0

Suppose I follow a different relgion/faith than person X. X had a bad experience with a person Y who follows the same faith as mine. In a conversation between me, X and other friends, X is upset about the incident and starts passing remarks about Y, and that Y follows that particular faith, mocking Y's relegious gestures and clothing, ... etc. All this while X is (or acted as) completely oblivious to the fact I am sitting there and follow Y's religion.

He does not say all people who follow that faith are bad. But he passes remarks such as f word christian/jew/mulsim/hindu.. trash and so on.

Now I follow that faith, and I felt hurt. Although not religous myself, but I still have emotional connection wtih my faith. But questioning myself, I was wondering what does X do to make me feel hurt? Does indirect insult describes it enough, given it has to do with religion?

2
  • 1
    I'm finding it difficult to view those insults as anything but direct! But if this were an SE about advice or psychology instead of English, I'd post an answer that X was indulging in transference that would need to be addressed based on the circumstances and how well you know X.
    – Spencer
    Commented Jan 27, 2017 at 5:21
  • 1
    You could say that person X disrespected you, because he said those things knowing you followed Y's religion. Are you looking for something specifically referencing an insult?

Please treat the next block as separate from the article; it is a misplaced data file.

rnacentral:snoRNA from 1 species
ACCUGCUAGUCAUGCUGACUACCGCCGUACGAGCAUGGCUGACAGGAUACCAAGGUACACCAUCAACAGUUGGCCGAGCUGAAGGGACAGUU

– Hank
    Commented Jan 27, 2017 at 14:23

1 Answer 1

1

a good word for an >indirect insult< is:

to slight

NOTE - you seem to be fairly forgiving of your friend's extremely rude and offensive terms (f'ing)

  • a slight would be something closer to a 'microagression' not the extreme offense you would take from someone directly and belligerently attacking your group or religion

I list -slight- because, your question seemed to be looking for a more mild term than most would apply to the behavior you describe.

Oxford Dictionary definition of Slight (as a verb and noun)

(note, there is the common adjective meaning of slight , meaning Small in degree; inconsiderable: or : thin or slender)

VERB [WITH OBJECT]

1 - Insult (someone) by treating or speaking of them without proper respect or attention:

he was desperate not to slight a guest

2 ...

NOUN

  • An insult caused by a failure to show someone proper respect or attention:

an unintended slight can create grudges

he was seething at the slight to his authority

To make it apply to religion you'd need to bring that up (unfotunately it's not all in one)

i.e. I took his comments about Thor being a 'lightweight', as a personal slight. He should have known that I've worshipped Thor for millenium.

4
  • 2
    I'm not so sure.. "F'ing Thorian trash" is a bit stronger than a slight. A slight would be complaining about your failure to show up to play baseball on Thursday (you were actually drinking mead all day as any Proper Thorian would do).
    – Spencer
    Commented Jan 27, 2017 at 5:28
  • @Spencer I'll edit my comments to make it clearer .. although, it's a tricky one.. usually once someone starts using the F word they're on a rant, turning up the volume a few notches... still.. we don't tolerate that sort of stuff these days for good reasons.
    – Tom22
    Commented Jan 27, 2017 at 5:37
  • @Tom22 The F word is used with insults, outside of rants, plenty. It's more prevalent in the younger genreations.
    – Hank
    Commented Jan 27, 2017 at 14:20
  • 1
    I don't think the question is about the mildness of the insult. It's about the indirectness or obliqueness.
    – Drew
    Commented Jan 27, 2017 at 17:08

Your Answer

By clicking “Post Your Answer”, you agree to our terms of service and acknowledge you have read our privacy policy.

Not the answer you're looking for? Browse other questions tagged or ask your own question.